*Spoiler for New Scientist Enigma 1766: “Triangular sums” *(Follow the link to see the puzzle.)

There are several possibilities to consider. The single digit number could be the first in the sequence. Then it must be triangular: 1, 3, or 6. The second number must be two digits, with no zero, which when added to the first must be triangular, and the between the two numbers there must be no repeated digits.

The single digit number could be the second in the sequence. Then the first must be triangular, with a single digit difference between it and another triangular number; it can only be 10, 15, 21, 28, or 36. But 10 is ruled out because it has a zero, and 28 is ruled out because the corresponding single digit number, 8, shares a digit with it.

Could the single digit number be the third in the sequence? Then the first two numbers must add to 10, 15, 21, 28, or 36. They must have two digits each, which is impossible for 10 and 15, and they must not have the same first digit, which is impossible for 21 and 28. The first must be triangular, so all we’re left with is 21+15=36 (in either order), but those share a digit. So no, the single digit number cannot be third. Nor can it be fourth or fifth.

Then we’re left with these possibilities:

Sequence | Sum | Possible next numbers |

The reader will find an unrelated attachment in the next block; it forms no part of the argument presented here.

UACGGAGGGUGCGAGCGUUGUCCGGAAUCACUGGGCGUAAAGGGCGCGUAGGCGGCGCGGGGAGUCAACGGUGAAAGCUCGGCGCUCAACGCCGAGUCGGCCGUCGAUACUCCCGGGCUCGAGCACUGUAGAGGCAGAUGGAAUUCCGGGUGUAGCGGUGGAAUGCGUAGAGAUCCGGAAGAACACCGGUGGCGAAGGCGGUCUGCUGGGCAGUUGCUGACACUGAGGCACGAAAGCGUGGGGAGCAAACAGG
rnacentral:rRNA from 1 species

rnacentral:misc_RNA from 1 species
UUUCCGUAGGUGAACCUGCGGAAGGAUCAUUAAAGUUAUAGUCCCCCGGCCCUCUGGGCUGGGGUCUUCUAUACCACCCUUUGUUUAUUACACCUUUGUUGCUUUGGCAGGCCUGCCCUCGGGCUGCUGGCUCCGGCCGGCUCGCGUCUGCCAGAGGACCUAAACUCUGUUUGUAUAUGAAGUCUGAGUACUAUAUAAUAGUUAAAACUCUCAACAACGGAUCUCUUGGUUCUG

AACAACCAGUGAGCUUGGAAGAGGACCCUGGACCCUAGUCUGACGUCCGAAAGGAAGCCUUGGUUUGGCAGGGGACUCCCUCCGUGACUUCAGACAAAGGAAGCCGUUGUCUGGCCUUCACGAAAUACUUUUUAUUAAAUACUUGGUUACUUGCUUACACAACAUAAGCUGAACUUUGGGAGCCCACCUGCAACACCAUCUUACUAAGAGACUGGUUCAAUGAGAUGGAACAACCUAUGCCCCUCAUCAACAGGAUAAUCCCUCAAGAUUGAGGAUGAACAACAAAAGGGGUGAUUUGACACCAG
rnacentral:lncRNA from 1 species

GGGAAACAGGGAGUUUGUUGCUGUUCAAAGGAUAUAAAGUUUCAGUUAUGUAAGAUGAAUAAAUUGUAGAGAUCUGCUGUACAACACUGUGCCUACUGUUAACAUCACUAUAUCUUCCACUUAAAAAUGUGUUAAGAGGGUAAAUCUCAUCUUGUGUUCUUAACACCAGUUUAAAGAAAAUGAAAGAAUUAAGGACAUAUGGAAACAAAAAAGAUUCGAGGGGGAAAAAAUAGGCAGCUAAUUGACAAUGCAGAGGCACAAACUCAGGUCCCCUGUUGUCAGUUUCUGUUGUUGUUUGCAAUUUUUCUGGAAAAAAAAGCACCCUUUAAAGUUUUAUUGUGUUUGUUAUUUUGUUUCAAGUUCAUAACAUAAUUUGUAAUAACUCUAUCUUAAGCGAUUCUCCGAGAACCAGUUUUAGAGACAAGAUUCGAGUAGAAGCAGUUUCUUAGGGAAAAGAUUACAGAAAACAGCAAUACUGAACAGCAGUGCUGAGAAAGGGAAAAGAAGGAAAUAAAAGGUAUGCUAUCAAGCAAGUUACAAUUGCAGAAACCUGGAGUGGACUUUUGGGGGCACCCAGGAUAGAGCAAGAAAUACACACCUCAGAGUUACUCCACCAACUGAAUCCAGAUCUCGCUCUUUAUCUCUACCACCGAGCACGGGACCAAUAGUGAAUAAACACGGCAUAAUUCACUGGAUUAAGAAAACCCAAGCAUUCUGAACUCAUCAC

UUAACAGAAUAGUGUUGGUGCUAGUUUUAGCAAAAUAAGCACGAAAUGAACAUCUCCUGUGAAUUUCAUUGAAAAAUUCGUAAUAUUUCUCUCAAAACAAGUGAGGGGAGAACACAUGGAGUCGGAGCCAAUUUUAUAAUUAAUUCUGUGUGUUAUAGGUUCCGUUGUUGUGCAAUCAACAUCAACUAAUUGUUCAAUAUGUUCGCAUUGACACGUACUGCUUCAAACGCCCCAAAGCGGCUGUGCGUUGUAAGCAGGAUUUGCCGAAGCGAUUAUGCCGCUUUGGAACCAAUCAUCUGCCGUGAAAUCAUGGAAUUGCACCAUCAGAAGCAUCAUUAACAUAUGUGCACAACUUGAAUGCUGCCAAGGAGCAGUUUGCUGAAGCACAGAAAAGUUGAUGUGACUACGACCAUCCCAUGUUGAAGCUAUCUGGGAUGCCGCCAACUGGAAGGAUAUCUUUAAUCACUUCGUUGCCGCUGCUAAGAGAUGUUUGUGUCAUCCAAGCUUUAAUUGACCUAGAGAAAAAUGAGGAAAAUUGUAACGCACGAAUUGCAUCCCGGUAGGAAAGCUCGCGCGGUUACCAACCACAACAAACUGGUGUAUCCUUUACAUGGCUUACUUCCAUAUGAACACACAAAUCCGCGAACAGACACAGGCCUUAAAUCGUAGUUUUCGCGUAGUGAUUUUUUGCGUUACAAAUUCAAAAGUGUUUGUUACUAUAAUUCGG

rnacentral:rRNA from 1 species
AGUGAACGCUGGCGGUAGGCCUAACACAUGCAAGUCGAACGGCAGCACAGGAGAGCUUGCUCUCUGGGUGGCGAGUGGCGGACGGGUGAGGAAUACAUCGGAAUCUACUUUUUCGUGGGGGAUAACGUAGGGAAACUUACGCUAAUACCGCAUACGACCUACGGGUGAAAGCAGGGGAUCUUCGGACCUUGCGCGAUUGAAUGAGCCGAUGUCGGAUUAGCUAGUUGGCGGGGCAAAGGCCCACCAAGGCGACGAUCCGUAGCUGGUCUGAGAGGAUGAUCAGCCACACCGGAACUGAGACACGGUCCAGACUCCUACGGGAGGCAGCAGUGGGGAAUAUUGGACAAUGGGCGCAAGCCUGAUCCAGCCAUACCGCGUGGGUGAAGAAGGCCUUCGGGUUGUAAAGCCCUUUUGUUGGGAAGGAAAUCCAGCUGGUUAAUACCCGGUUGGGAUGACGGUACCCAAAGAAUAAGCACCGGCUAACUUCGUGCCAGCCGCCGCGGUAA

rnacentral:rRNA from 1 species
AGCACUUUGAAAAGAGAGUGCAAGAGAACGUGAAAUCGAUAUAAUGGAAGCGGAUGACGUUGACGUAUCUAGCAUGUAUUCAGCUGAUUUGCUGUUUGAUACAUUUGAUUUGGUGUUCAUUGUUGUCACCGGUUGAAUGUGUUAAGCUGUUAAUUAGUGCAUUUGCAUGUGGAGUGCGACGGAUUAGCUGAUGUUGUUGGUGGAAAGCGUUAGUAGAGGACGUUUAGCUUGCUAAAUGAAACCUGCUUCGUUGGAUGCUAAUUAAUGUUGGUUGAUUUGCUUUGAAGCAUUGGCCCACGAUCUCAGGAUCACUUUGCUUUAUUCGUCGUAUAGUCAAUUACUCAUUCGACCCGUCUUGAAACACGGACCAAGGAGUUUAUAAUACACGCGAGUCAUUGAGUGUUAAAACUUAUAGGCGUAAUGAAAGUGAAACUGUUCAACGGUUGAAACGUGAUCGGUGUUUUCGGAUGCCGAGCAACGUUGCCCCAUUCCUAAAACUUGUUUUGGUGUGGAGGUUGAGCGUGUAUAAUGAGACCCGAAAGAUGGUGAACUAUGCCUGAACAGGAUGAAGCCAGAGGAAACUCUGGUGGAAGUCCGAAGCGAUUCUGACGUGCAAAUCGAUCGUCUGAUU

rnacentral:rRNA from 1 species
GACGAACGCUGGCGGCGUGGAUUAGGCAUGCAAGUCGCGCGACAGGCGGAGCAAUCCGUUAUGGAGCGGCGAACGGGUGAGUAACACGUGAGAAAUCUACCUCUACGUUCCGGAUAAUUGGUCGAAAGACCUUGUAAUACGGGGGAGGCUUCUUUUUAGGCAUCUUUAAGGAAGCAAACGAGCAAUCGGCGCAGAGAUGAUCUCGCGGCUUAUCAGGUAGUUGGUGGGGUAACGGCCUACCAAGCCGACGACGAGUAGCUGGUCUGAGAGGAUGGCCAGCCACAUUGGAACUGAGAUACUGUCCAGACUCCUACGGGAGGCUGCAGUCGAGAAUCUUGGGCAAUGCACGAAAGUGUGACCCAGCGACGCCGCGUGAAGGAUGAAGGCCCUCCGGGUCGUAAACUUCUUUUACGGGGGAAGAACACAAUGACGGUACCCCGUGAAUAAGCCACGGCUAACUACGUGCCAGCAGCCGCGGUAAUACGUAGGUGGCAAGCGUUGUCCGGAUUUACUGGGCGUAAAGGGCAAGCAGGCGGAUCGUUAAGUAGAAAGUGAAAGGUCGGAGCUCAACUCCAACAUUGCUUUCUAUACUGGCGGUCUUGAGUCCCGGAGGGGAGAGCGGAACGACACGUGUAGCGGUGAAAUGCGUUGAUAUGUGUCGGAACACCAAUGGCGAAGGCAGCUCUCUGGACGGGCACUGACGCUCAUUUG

---|---|---|

1, 27, … | 28 | 38 |

1, 35, … | 36 | 69 84 |

1, 54, … | 55 | 23 |

1, 65, … | 66 | 87 |

3, 12, … | 15 | none |

3, 18, … | 21 | none |

3, 25, … | 28 | 17 |

3, 42, … | 45 | 91 |

3, 52, … | 55 | 81 |

3, 75, … | 78 | none |

6, 15, … | 21 | none |

6, 39, … | 45 | none |

6, 49, … | 55 | 23 81 |

6, 72, … | 78 | 13 58 |

6, 85, … | 91 | 14 29 |

15, 6, … | 21 | 34 |

21, 7, … | 28 | 38 |

36, 9, … | 45 | none |

For each first two numbers we consider which 2-digit numbers can be added to bring the sum up to another triangular number, and we rule out ones that repeat digits with themselves or the first two numbers, or which share a common factor with the first 2-digit number. The possibilities are shown in the fourth column.

So we have 16 sequences to consider, and in each case there are four unused digits, so we can quickly scan differences of triangular numbers (I used a spreadsheet) to see which ones we can use. There are only three cases where we can get a fourth number satisfying the puzzle requirements:

3, 25, 17, 46 but this leaves only 89 or 98, neither of which works

6, 49, 23, 75 and then 18 will give a triangular number — but it shares a common factor with 75

6, 49, 23, 58 and then 17 will give a triangular number. No common factors.

The only solution is 6, 49, 23, 58, 17 with sums 6, 55, 78, 136, 153.